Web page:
by Leith El Zein
Collections are for the masses. True luxury is all about a personal experience: having something tailored just for you, customised according to your posture, the unique slope of your shoulders, and your preference for subtle pinstripe that’s just so. It’s about a suit that’s been given the seal of approval by Zegna’s exceptional Artistic Director Alessandro Sartori and having it fitted by Angelo, a master tailor who will listen to even the most specific of requests. And it’s about getting all that in a setting so elegant, you’ll want to stay a little longer.
Once you decide to take the plunge: the initial appointment at Zegna’s Bespoke Atelier involves an in-depth consultation with Angelo about your needs and desires, and you’ll have to choose between the 900 fabrics available for suits, jackets and overcoats and more than 230 for shirts. This is not In-N-Out Burger.
“Those who buy ready-to-wear want sporty, contemporary clothes in a hurry that can create immediate excitement. Tailoring lovers, on the other hand, seek increasingly personalised products, unique pieces,” says Sartori.
He should know, with a proven track record of delivering exactly what men want. During his five-year tenure at Berlutti starting in 2011, he grew the company’s annual revenues from less than 30 million Euros to more than 100 million. He did this by evolving the brand from an old-school leather shoemaker into a contemporary lifestyle label with over 40 boutiques across the globe. Then in 2016, he returned to Zegna (where he had worked straight out of design school and then again for eight years at the creative helm of Z Zegna) – the world’s largest luxury menswear brand in the world with over 500 monobrand stores – and was given the role of Artistic Director, a position that allowed for unprecedented power over different parts of the business as opposed to only the creative direction. But low and behold, instead of just trying to sell more, Sartori has decided to sell better. “These are articles that require 70 hours of work in the hands of experts with 15 to 20 years’ experience: they are almost collectors’ items,” he explains.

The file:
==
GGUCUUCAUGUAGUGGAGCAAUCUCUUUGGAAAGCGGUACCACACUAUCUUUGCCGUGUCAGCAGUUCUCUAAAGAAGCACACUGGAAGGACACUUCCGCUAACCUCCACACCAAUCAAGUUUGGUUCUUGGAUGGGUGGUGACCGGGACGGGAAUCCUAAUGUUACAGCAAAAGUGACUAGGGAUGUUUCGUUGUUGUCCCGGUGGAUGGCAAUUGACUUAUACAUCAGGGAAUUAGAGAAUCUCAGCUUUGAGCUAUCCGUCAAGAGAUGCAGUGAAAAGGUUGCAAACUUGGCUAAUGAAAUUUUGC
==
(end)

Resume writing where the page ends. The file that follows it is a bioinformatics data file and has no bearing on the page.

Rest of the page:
The Milanese atelier on Via Bigli, which opened last March, offers bespoke suits, shirts but also sportswear, leather pieces, knitwear and shoes can be made to order, meaning than an entire wardrobe can be created just for you. The service is unique not only because of the masterful hands behind each garment, but the level of quality it delivers.
Most of the fabrics come from the Zegna Lanificio in Trivero, Italy, the company’s own wool mill since 1910. Here, special fabrications are constantly being developed in an integrated process – like a new crease-resistant wool fibre aimed to prevent felting so that the fabric can be machine washable while retaining wool’s natural moisture-absorbing property – a textile project Sartori announced last spring that combines craftsmanship with nanotechnology. “This level of quality and customisation is only feasible because of our fully verticalised production structure, all the way from spinning to garment making.
An Ermenegildo Zegna bespoke suit costs anywhere from 6,000 USD to 12,000 USD, takes about three months and involves at least three visits to the atelier, which is located on the top floor of the company’s flagship store on Via Montenapoleone (although it has its own separate entrance on Via Bigli).
Inside, a Pietro Russo console lines a corridor leading to a waiting room grounded by a Giò Ponti-inspired carpet while the changing room features Fontana Arte lamps and a leather pouf. An eclectic outdoor space outfitted with Harry Bertoia chairs, a Nespoli and Novara table and blooming plants year-round provide a lovely respite, as does the atelier’s sumptuous bathroom, sheathed in Persian onyx and Portoro marble.
Sartori has left no stone unturned here. Sure, it’s slow, it’s expensive and it takes some effort on your part, but a custom order from Ermenegildo Zegna’s Bespoke Atelier might be one of the most satisfying purchases you’ll ever make.